Robelia PM, Kashiwagi DT, Jenkins SM, et al. Information Transfer and the Hospital Discharge Summary: National Primary Care Provider Perspectives of Challenges and Opportunities. J Am Board Fam Med. 2017;30(6):758-765.
Robelia, P. M., Kashiwagi, D. T., Jenkins, S. M., Newman, J. S., & Sorita, A. (2017). Information Transfer and the Hospital Discharge Summary: National Primary Care Provider Perspectives of Challenges and Opportunities. Journal of the American Board of Family Medicine : JABFM, 30(6), pp. 758-765. doi:10.3122/jabfm.2017.06.170194.
Robelia PM, et al. Information Transfer and the Hospital Discharge Summary: National Primary Care Provider Perspectives of Challenges and Opportunities. J Am Board Fam Med. 2017;30(6):758-765. PubMed PMID: 29180550.
* Article titles in AMA citation format should be in sentence-case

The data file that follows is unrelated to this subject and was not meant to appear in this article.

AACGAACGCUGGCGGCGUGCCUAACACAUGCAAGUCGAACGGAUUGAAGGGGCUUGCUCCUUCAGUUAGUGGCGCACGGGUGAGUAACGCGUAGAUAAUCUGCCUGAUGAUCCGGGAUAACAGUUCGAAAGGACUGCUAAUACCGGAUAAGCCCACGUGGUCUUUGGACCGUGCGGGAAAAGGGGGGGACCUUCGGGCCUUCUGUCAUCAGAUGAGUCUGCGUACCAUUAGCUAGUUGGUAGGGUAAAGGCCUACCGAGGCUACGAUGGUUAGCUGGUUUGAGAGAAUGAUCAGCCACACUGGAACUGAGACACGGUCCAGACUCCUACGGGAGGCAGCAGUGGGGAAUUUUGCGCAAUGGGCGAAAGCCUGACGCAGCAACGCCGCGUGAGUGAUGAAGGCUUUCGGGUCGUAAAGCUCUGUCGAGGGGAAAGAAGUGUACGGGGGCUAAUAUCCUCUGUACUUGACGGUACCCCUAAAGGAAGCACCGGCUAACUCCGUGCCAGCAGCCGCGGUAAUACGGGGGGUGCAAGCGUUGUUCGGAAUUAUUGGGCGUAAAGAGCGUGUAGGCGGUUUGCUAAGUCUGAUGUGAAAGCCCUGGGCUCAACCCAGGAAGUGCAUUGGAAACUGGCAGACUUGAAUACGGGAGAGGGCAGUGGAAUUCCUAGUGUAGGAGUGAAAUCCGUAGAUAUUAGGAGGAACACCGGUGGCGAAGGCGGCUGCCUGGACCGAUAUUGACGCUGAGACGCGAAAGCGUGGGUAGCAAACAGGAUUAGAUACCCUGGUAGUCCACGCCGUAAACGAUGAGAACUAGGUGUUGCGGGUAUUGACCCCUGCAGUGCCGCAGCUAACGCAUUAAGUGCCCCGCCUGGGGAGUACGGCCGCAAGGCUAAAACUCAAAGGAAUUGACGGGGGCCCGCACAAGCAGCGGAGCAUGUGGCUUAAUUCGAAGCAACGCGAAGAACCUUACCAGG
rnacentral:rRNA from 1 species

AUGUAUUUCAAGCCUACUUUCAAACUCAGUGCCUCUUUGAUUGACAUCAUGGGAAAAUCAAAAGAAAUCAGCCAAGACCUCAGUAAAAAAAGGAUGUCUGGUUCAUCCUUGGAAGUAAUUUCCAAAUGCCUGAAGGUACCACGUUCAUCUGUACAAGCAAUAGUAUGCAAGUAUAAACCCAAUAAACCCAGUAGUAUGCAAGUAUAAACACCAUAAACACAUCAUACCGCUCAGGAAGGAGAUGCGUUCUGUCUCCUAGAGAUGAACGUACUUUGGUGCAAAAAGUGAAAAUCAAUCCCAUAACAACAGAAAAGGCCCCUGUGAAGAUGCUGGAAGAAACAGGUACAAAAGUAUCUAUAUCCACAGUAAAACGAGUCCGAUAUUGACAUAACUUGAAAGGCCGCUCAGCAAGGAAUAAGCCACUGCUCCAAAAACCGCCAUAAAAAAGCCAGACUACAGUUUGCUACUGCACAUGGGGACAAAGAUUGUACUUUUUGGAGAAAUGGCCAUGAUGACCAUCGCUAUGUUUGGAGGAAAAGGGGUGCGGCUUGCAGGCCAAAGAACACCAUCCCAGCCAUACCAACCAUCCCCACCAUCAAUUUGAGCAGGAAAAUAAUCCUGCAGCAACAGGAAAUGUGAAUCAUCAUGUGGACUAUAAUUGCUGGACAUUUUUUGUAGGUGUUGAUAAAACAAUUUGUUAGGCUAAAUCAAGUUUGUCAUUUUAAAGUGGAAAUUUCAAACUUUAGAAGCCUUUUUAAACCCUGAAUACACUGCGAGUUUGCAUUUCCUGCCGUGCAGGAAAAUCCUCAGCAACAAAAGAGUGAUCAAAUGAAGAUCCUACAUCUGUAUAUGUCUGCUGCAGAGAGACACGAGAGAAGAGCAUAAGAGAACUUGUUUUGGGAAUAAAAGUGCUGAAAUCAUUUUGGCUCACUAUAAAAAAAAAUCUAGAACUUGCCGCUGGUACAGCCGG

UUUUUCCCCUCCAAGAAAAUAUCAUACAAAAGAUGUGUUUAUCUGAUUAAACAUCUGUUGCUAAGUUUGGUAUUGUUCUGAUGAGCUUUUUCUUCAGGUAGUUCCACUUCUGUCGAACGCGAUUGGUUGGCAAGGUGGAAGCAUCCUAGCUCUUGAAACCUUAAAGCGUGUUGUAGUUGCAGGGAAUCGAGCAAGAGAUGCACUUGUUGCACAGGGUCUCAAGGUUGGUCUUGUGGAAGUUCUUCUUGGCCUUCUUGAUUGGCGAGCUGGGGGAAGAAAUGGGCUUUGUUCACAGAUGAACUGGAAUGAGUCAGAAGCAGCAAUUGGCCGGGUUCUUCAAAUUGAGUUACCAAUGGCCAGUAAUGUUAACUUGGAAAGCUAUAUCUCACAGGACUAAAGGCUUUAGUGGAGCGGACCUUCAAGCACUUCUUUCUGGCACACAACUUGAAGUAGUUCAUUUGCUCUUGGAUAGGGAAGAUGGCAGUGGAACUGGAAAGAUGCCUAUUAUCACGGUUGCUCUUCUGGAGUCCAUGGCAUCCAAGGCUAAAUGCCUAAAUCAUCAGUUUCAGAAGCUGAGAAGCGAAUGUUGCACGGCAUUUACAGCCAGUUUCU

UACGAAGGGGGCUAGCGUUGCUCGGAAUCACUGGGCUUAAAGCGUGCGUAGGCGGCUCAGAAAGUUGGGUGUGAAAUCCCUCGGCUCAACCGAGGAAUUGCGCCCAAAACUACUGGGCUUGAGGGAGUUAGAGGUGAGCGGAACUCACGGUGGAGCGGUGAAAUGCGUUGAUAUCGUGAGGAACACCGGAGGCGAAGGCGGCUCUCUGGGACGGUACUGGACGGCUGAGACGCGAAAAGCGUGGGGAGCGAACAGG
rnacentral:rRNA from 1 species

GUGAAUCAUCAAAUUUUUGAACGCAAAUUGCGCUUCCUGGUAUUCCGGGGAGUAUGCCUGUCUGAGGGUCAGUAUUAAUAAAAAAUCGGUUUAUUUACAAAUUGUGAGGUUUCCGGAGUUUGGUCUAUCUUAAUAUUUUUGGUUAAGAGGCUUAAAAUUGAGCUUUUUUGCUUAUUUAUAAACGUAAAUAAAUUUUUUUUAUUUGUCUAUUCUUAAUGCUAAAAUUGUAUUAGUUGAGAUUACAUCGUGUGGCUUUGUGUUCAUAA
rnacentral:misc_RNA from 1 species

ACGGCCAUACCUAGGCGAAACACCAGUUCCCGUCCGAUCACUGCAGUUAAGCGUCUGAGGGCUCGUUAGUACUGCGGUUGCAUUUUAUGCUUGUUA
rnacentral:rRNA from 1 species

TY - JOUR T1 - Information Transfer and the Hospital Discharge Summary: National Primary Care Provider Perspectives of Challenges and Opportunities. AU - Robelia,Paul M, AU - Kashiwagi,Deanne T, AU - Jenkins,Sarah M, AU - Newman,James S, AU - Sorita,Atsushi, PY - 2017/05/09/received PY - 2017/07/21/revised PY - 2017/08/01/accepted PY - 2017/11/29/entrez PY - 2017/11/29/pubmed PY - 2018/7/18/medline KW - Care Transition KW - Health Care Surveys KW - Health Information Technology KW - Hospitalists KW - Information Storage and Retrieval KW - Patient Discharge KW - Primary Care Physicians SP - 758 EP - 765 JF - Journal of the American Board of Family Medicine : JABFM JO - J Am Board Fam Med VL - 30 IS - 6 N2 - PURPOSE: The hospital discharge summary (HDS) serves as a critical method of patient information transfer between hospitalist and primary care provider (PCP). This study was designed to increase our understanding of PCP preferences for, and perceived deficiencies in, the discharge summary. METHODS: We designed a mail survey that was sent to a random sample of 800 American Academy of Family Physicians members nationally. The survey response rate was 59%. We analyzed the availability of summaries at hospital followup, whether all desired information was contained in the summary and whether certain specific items were completed. Provider subgroup analysis was performed. RESULTS: The strongest predictor of discharge summary availability at posthospital followup is direct access to inpatient data. Respondents (27.5%) had a summary available 0% to 40% of the time, 41.4% noted availability 41% to 80% of the time and 31.1% >80% of the time; if a provider had access to inpatient data they tended to have a discharge summary available to them (P < .0001). Providers also described significant content deficits: 26.5% of providers noted the summary contained all information needed 0% to 40% of the time, 48.5% of providers noted this 41% to 80% of the time and only 25% >80% of the time. Specific summary items considered "very important" by providers included medication list (94% of respondents), diagnosis list (89%), and treatment provided (87%). CONCLUSIONS: Opportunities remain in timely delivery of a complete HDS to the PCP. Further multifaceted practice redesign should be directed at optimizing this critical information transfer tool, potentially encompassing electronic medical record utilization and specific training for clinicians preparing summaries. Initial efforts should focus on ensuring availability of a complete summary (containing items deemed important by PCPs including medication list, diagnosis list, and treatment provided) at the posthospital follow-up visit. SN - 1558-7118 UR - https://www.unboundmedicine.com/medline/citation/29180550/Information_Transfer_and_the_Hospital_Discharge_Summary:_National_Primary_Care_Provider_Perspectives_of_Challenges_and_Opportunities_ L2 - http://www.jabfm.org/cgi/pmidlookup?view=long&amp;pmid=29180550 DB - PRIME DP - Unbound Medicine ER -